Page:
Rational singularity

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In mathematics, more particularly in the field of algebraic geometry, a scheme X has rational singularities, if it is normal, of finite type over a field of characteristic zero, and there exists a proper birational map

f \colon Y \rightarrow X

from a regular scheme Y such that the higher direct images of f_* applied to \mathcal{O}_Y are trivial. That is,

R^i f_* \mathcal{O}_Y = 0 for i > 0.

If there is one such resolution, then it follows that all resolutions share this property, since any two resolutions of singularities can be dominated by a third.

For surfaces, rational singularities were defined by (Artin 1966).


Alternately, one can say that X has rational singularities if and only if the natural map in the derived category

\mathcal{O}_X \rightarrow R f_* \mathcal{O}_Y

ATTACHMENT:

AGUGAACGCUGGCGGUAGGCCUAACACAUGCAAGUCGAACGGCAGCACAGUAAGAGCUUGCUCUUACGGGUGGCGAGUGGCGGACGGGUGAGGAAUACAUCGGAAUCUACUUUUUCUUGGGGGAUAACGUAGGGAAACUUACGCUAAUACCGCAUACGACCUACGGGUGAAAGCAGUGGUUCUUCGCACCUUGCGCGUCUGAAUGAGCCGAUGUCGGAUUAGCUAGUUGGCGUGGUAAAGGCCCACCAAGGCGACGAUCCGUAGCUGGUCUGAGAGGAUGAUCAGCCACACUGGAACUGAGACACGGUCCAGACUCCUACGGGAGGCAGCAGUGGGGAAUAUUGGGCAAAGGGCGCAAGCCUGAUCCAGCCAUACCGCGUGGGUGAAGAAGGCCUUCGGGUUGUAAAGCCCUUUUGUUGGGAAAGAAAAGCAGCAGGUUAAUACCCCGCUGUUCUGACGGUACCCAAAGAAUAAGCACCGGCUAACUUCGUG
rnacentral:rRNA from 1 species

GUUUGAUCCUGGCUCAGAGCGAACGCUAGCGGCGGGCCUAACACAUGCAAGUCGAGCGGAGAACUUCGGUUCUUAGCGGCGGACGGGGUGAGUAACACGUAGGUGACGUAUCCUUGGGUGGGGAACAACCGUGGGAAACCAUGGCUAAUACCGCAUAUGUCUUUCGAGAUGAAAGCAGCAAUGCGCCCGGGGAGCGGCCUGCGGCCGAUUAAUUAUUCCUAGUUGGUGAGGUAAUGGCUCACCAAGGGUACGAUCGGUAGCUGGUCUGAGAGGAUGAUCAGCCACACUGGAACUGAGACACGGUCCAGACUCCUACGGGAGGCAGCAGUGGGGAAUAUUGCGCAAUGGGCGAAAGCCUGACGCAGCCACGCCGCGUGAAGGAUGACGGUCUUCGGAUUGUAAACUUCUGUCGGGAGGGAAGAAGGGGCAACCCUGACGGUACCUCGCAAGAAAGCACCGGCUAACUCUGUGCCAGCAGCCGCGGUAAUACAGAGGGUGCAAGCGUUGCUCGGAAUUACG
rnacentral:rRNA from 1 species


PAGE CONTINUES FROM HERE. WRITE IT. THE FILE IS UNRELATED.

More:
is a quasi-isomorphism. Notice that this includes the statement that \mathcal{O}_X \simeq f_* \mathcal{O}_Y and hence the assumption that X is normal.

There are related notions in positive and mixed characteristic of


Rational singularities are in particular Cohen-Macaulay, normal and Du Bois. They need not be Gorenstein or even Q-Gorenstein.

Log terminal singularities are rational.[citation needed]


An example of a rational singularity is the singular point of the quadric cone

x^2 + y^2 + z^2 = 0. \,

(Artin 1966) showed that the rational double points of a algebraic surfaces are the Du Val singularities.